Menopausal Mother Nature

News about Climate Change and our Planet


Spain’s PM Scolds Climate Change ‘Deniers’, Urges ‘Fanatics’ To Repent

Spain’s interim prime minister said Monday “only a handful of fanatics deny the evidence” of climate change, urging those who disagree to admit they’re wrong, change their mind and join the “global consensus.” Pedro Sánchez said “alternative facts” about climate…

Thousands of exoplanets may orbit supermassive black holes

It sounds unbelievable, but a new study from Kagoshima University and the National Astronomical Observatory of Japan says that exoplanets – thousands of them – could be orbiting supermassive black holes.


Forests face climate change tug of war

Increased carbon dioxide allows plants to photosynthesize more and use less water. But warmer temperatures drive plants to use more water and photosynthesize less. So, which force, CO2 fertilization or heat stress, wins this climate tug of war? It depends on whether forests and trees are able to adapt to their new environment.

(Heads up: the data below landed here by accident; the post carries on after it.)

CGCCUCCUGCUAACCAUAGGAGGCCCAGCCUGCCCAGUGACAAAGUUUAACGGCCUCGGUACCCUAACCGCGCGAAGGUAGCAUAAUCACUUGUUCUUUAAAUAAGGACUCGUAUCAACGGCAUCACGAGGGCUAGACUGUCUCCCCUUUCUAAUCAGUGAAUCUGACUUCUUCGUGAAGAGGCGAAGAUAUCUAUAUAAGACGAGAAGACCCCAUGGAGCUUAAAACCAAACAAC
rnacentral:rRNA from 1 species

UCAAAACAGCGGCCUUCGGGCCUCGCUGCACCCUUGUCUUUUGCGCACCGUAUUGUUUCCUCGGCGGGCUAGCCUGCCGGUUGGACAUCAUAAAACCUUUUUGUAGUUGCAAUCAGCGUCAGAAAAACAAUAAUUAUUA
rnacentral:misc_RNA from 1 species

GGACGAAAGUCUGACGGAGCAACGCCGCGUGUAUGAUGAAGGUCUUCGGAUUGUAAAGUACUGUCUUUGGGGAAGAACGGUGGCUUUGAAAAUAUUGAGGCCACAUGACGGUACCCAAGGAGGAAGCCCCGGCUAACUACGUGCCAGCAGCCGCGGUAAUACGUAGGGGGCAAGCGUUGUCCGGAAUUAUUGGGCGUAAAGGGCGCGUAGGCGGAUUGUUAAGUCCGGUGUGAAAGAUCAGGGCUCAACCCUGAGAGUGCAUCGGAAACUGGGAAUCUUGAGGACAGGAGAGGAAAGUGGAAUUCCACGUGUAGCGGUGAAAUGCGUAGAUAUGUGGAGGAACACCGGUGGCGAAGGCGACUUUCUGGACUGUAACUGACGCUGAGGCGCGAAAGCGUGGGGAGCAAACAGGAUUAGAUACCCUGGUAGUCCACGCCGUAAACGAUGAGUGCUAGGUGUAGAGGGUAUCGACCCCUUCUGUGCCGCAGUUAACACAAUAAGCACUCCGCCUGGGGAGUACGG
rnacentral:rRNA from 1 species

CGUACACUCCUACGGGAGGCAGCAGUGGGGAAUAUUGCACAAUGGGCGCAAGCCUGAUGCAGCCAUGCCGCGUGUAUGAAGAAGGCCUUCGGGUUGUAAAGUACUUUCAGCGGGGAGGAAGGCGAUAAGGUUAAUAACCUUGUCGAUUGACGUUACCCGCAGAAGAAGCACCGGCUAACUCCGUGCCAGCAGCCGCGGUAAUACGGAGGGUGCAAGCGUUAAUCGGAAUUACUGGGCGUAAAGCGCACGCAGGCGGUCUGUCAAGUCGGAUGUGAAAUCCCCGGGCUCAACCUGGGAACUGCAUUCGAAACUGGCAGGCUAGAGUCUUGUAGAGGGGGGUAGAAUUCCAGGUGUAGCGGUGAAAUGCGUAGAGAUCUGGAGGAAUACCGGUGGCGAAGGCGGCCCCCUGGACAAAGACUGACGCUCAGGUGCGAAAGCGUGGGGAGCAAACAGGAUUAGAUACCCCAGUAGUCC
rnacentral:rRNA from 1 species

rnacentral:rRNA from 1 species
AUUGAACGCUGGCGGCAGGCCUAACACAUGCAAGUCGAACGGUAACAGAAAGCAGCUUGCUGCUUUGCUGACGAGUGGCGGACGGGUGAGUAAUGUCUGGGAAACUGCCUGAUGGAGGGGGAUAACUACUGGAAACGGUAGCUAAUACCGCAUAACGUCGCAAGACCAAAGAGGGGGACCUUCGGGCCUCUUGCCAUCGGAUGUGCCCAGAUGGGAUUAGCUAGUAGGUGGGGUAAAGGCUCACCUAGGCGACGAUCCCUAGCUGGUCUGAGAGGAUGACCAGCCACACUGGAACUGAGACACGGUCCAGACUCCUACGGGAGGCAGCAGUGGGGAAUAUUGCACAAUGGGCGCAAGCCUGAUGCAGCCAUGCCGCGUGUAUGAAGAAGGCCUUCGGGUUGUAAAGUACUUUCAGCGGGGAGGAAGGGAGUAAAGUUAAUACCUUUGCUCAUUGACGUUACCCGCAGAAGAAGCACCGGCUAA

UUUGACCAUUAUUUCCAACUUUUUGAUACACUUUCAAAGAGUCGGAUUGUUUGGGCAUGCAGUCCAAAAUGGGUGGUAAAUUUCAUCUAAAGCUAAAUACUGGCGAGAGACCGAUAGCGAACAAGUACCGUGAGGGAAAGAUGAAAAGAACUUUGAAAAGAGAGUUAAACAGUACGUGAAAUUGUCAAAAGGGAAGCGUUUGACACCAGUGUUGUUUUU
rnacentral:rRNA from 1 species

When honeybees get stuck in water, they create their own waves and 'surf' to safety

Bees need water just like the rest of us. A honeybee might fly several miles to find a good water source, both for drinking and to help regulate the temperature of her hive. Sometimes, though, a thirsty honeybee gets more…

This may be why the 'devil worm' can live where no other animal can

When it comes to creatures that have been sharing this planet with us for millennia, this tiny worm is probably the devil you don’t know. That’s because the aptly named “devil worm” haunts places that are difficult, if not downright…

This black hole nurtures baby stars instead of eating them

Every major galaxy has a black hole for a heart. And these celestial Hoovers run a very tight ship, allowing nothing — not even a particle of light — to escape their dominion. That’s why, when scientists look to the…

American University researchers sequence genome of the ‘devil worm’

(American University) American University researchers, reporting in Nature Communications, have sequenced the genome of a unique microscopic worm found one mile underground and called the ‘Devil Worm’ for its ability to survive in harsh, subsurface conditions.